In 1911 she followed the suffragette call to boycott the census, writing across her census form: “No Vote, No Census. As women do not count they refuse to be counted, & I have a conscientious objection to filling up this form”.
She was willing not only to sell the WSPU newspaper, The Suffragette, to the passing public at Hampton Court but to be photographed doing so for the 18 April 1913 issue of the paper, alongside a newsstand poster that promised “Revolution”.
After the 1918 law was passed that allowed women over the age of 30 who occupied a house (or were married to someone who did) to vote, Sophia maintained her interest in the advancement of women. In particular, she supported the enfranchisement and education of Indian women.
Sushama Sen was another Indian suffragette. In her book Memoirs of an Octogenarian she recalls taking part in a WSPU demonstration in 1910. At that time “there were few Indian women in London”, she notes. She was invited to join in the march “led by Mrs Pankhurst to the Parliament House”.
“It was a novel sight for a single Indian woman amidst the procession, and I was the subject of public gaze,” she writes.
That gaze was surely attracted by the sight of a sari among the conventional Edwardian coats and dresses.
Certainly the following year, when putting out a call for Indian women to join a Coronation Procession in support of suffrage, the organisers of the Indian contingent promised the public the sight of “beautiful dresses”.
The procession was staged five days before the coronation of King George V, with “Empire” as one of its main themes.
It was intended that contingents of women would represent Australia, Canada, South Africa, India, and the Crown Colonies and Protectorates.
However by the day before the organisers of the Indian contingent admitted “Though this contingent may not be as large as the other parts of the Imperial Contingent, it will be no less impressive”.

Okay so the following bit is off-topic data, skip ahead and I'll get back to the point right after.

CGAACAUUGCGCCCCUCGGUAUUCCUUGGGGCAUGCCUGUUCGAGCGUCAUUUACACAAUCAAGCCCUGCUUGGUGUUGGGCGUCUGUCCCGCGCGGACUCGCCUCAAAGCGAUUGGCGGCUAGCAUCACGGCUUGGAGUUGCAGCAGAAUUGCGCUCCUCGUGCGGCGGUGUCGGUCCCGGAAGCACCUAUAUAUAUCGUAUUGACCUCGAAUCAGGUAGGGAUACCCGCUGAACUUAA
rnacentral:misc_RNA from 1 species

It was certainly impressive enough to attract the attention of a photographer. But as we see from the resulting photograph, it would appear that only five or six Indian women took part in the procession.
Five women pose with a banner, behind which the sari of a sixth is visible. Perhaps that hidden figure is Princess Sophia Duleep Singh, who it was reported intended to take part in the procession. Two of the women hold elephant insignia, emblems of India. The remainder of those photographed appear to be white British.
One of the three original organisers of the India section was PL Roy (Lolita Roy), the wife of the director of public prosecutions in Calcutta.
Lolita Roy had come to London with her six children in 1901, apparently for the sake of their education, and lived in Hammersmith. She is one of those photographed and of the others, three are likely to be her daughters, Miravati, Hiravati and Leilavati, who had married Satya W Mukerjea Mukerjea in 1910.
The other woman on the left is thought to be Bhagwati Bhola Nauth, who was 29 years old and, according to her 1911 census, had already been married for 14 years.
At that time her husband was in India, where he was a doctor in the Indian Medical Service, her two sons were boarders at Rugby School, and she was living in a boarding house in Kensington. She had no occupation but was honorary secretary of the Indian Women’s Educational Fund.